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Risks of IVF include:
Multiple births. IVF increases the risk of multiple births if more than one embryo is transferred to your uterus. A pregnancy with multiple fetuses carries a higher risk of early labor and low birth weight than pregnancy with a single fetus does.
Premature delivery and low birth weight. Research suggests that IVF slightly increases the risk that the baby will be born early or with a low birth weight.
Ovarian hyperstimulation syndrome. Use of injectable fertility drugs, such as human chorionic gonadotropin (HCG), to induce ovulation can cause ovarian hyperstimulation syndrome, in which your ovaries become swollen and painful.
Symptoms typically last a week and include mild abdominal pain, bloating, nausea, vomiting and diarrhea. If you become pregnant, however, your symptoms might last several weeks. Rarely, it's possible to develop a more severe form of ovarian hyperstimulation syndrome that can also cause rapid weight gain and shortness of breath.
Miscarriage. The rate of miscarriage for women who conceive using IVF with fresh embryos is similar to that of women who conceive naturally — about 15% to 25% — but the rate increases with maternal age.
Egg-retrieval procedure complications. Use of an aspirating needle to collect eggs could possibly cause bleeding, infection or damage to the bowel, bladder or a blood vessel. Risks are also associated with sedation and general anesthesia, if used.
Ectopic pregnancy. About 2% to 5% of women who use IVF will have an ectopic pregnancy — when the fertilized egg implants outside the uterus, usually in a fallopian tube. The fertilized egg can't survive outside the uterus, and there's no way to continue the pregnancy.
Birth defects. The age of the mother is the primary risk factor in the development of birth defects, no matter how the child is conceived. More research is needed to determine whether babies conceived using IVF might be at increased risk of certain birth defects.
Cancer. Although some early studies suggested there may be a link between certain medications used to stimulate egg growth and the development of a specific type of ovarian tumor, more-recent studies do not support these findings. There does not appear to be a significantly increased risk of breast, endometrial, cervical or ovarian cancer after IVF.
Stress. Use of IVF can be financially, physically and emotionally draining. Support from counselors, family and friends can help you and your partner through the ups and downs of infertility treatment.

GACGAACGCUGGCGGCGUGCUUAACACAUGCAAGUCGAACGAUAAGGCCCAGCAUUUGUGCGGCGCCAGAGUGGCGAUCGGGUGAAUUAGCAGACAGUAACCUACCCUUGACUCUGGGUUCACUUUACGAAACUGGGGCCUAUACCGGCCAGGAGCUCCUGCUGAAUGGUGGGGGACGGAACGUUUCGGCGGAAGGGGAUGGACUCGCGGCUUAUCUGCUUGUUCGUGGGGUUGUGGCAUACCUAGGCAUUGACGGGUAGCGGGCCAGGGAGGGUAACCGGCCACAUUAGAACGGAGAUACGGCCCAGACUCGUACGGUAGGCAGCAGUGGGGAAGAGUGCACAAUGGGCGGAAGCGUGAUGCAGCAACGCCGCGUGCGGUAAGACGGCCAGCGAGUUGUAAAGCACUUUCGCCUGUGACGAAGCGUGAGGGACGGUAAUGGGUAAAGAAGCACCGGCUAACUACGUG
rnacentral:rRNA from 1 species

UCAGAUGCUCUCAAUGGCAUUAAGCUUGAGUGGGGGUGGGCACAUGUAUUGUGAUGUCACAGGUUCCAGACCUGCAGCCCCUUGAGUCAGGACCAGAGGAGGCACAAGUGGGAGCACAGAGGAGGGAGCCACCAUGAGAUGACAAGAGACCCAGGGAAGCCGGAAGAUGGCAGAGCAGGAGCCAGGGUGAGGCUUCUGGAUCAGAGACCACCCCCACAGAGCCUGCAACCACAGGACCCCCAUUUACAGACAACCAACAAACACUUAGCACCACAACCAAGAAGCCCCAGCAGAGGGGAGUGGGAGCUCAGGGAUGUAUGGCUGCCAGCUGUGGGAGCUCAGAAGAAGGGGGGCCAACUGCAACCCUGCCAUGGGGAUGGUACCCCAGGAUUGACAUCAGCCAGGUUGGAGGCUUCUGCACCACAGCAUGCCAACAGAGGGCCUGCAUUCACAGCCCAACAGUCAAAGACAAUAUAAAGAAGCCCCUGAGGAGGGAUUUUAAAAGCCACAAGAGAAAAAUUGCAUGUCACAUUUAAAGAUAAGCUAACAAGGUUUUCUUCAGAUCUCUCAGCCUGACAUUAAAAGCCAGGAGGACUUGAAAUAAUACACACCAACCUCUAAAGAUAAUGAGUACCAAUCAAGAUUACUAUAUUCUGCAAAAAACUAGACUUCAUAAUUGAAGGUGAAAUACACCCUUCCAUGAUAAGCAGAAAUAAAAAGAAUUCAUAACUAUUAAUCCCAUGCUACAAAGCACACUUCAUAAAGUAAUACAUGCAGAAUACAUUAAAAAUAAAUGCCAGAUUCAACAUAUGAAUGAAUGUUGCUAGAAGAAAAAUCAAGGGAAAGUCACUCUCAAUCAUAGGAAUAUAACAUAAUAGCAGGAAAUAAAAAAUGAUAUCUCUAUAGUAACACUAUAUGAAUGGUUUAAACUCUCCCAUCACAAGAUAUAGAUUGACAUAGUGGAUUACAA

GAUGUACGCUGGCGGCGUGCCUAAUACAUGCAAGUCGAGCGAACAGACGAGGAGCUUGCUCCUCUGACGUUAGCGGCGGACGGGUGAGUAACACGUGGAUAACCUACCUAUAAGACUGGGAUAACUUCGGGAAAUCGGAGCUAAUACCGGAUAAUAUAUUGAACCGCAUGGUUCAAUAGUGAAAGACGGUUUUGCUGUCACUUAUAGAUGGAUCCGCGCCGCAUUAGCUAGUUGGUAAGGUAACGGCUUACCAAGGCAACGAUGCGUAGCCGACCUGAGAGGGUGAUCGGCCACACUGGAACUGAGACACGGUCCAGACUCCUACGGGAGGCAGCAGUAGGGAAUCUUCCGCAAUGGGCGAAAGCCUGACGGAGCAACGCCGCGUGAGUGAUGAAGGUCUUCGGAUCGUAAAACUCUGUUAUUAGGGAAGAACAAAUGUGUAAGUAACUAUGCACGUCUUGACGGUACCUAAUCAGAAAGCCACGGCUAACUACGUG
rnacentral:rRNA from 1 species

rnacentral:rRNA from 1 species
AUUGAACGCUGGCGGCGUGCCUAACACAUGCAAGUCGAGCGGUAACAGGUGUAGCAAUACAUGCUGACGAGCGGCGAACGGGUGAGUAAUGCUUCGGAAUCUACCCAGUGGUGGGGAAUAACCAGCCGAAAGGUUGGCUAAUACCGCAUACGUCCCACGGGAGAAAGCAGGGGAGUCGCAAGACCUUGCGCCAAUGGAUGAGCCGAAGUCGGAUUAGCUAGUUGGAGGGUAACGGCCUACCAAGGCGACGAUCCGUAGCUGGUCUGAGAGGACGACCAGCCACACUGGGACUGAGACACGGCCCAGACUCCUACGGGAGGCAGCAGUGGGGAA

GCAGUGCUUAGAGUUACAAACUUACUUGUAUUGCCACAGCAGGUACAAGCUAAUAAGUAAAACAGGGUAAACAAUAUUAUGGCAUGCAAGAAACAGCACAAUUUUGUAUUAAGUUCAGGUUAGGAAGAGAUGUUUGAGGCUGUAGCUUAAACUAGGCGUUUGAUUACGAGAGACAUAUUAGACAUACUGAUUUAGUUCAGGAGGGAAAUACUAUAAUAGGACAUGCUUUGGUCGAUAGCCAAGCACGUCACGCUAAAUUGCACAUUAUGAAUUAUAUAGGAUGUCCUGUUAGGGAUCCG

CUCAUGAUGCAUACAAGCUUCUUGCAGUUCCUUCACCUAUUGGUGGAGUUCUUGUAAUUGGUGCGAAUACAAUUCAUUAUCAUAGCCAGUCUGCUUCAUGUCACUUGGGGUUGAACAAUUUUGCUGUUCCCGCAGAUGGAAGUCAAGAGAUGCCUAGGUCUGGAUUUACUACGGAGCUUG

How you prepare
The Centers for Disease Control and Prevention and the Society for Assisted Reproductive Technology provide information online about U. S. clinics' individual pregnancy and live birth rates.
A clinic's success rate depends on many factors. These include patients' ages and medical issues, as well as the clinic's treatment population and treatment approaches. Ask for detailed information about the costs associated with each step of the procedure.
Before beginning a cycle of IVF using your own eggs and sperm, you and your partner will likely need various screenings, including:
Ovarian reserve testing. To determine the quantity and quality of your eggs, your doctor might test the concentration of follicle-stimulating hormone (FSH), estradiol (estrogen) and anti-mullerian hormone in your blood during the first few days of your menstrual cycle. Test results, often used together with an ultrasound of your ovaries, can help predict how your ovaries will respond to fertility medication.
Semen analysis. If not done as part of your initial fertility evaluation, your doctor will conduct a semen analysis shortly before the start of an IVF treatment cycle.
Infectious disease screening. You and your partner will both be screened for infectious diseases, including HIV.
Practice (mock) embryo transfer. Your doctor might conduct a mock embryo transfer to determine the depth of your uterine cavity and the technique most likely to successfully place the embryos into your uterus.
Uterine exam. Your doctor will examine the inside lining of the uterus before you start IVF. This might involve a sonohysterography — in which fluid is injected through the cervix into your uterus — and an ultrasound to create images of your uterine cavity. Or it might include a hysteroscopy — in which a thin, flexible, lighted telescope (hysteroscope) is inserted through your vagina and cervix into your uterus.
Before beginning a cycle of IVF, consider important questions, including: